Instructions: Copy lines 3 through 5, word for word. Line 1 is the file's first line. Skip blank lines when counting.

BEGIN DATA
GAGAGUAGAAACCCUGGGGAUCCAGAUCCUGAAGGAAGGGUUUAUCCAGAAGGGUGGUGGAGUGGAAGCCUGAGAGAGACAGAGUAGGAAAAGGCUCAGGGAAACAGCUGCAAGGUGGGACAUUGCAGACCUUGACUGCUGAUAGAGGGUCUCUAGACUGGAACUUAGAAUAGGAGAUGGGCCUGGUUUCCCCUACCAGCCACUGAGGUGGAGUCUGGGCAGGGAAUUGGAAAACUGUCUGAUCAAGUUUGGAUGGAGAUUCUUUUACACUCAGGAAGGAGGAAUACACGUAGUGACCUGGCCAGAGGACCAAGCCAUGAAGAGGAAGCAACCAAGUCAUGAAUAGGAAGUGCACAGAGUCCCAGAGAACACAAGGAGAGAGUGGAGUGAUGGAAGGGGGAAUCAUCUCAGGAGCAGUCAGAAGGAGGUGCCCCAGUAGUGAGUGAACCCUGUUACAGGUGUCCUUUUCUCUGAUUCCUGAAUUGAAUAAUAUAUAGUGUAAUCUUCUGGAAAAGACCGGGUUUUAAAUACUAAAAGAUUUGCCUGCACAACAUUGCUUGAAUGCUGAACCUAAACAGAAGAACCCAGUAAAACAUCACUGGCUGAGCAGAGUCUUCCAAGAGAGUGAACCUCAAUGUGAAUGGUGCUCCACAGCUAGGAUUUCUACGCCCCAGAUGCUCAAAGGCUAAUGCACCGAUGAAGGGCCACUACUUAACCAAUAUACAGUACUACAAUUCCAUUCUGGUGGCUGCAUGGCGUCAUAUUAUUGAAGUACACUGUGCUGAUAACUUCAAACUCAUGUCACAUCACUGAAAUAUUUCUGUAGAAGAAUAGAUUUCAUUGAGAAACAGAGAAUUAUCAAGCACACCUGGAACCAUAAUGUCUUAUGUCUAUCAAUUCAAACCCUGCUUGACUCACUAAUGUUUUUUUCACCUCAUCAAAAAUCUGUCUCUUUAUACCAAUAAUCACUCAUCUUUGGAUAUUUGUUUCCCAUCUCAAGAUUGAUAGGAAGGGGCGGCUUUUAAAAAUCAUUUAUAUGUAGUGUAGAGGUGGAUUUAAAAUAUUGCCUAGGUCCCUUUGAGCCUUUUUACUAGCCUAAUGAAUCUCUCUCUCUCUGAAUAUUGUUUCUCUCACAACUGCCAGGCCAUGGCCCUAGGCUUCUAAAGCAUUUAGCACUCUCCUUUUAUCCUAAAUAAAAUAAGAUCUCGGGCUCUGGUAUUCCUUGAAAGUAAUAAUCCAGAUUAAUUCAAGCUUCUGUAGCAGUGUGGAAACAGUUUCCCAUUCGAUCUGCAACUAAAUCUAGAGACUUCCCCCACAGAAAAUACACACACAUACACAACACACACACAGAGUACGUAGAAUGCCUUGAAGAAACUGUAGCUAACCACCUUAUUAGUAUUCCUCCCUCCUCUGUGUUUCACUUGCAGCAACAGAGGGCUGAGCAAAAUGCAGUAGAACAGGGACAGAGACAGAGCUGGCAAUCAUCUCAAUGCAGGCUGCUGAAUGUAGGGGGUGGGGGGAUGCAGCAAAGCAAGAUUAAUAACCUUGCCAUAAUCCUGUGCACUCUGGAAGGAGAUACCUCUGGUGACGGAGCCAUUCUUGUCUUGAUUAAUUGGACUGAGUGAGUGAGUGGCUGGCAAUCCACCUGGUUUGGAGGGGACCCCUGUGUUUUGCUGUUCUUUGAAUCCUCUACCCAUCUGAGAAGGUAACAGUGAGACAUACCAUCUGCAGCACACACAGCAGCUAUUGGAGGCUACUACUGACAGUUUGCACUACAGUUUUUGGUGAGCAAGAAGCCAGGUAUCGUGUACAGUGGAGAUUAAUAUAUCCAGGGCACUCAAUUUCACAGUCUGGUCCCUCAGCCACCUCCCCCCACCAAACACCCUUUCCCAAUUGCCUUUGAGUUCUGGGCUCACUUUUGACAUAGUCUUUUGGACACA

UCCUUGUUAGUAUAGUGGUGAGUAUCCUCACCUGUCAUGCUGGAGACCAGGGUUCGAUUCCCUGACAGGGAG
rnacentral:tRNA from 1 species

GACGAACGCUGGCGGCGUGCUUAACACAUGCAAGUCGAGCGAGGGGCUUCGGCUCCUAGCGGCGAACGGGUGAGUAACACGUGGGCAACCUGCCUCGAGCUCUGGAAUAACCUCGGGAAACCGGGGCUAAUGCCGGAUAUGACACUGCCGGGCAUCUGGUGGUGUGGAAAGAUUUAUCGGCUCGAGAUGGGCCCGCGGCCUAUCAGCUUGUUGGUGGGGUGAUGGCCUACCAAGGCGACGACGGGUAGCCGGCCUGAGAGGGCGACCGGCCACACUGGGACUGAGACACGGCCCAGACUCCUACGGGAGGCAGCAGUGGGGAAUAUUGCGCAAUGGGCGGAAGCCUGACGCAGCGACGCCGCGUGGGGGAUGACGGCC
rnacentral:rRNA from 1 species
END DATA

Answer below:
rnacentral:tRNA from 1 species

GACGAACGCUGGCGGCGUGCUUAACACAUGCAAGUCGAGCGAGGGGCUUCGGCUCCUAGCGGCGAACGGGUGAGUAACACGUGGGCAACCUGCCUCGAGCUCUGGAAUAACCUCGGGAAACCGGGGCUAAUGCCGGAUAUGACACUGCCGGGCAUCUGGUGGUGUGGAAAGAUUUAUCGGCUCGAGAUGGGCCCGCGGCCUAUCAGCUUGUUGGUGGGGUGAUGGCCUACCAAGGCGACGACGGGUAGCCGGCCUGAGAGGGCGACCGGCCACACUGGGACUGAGACACGGCCCAGACUCCUACGGGAGGCAGCAGUGGGGAAUAUUGCGCAAUGGGCGGAAGCCUGACGCAGCGACGCCGCGUGGGGGAUGACGGCC
rnacentral:rRNA from 1 species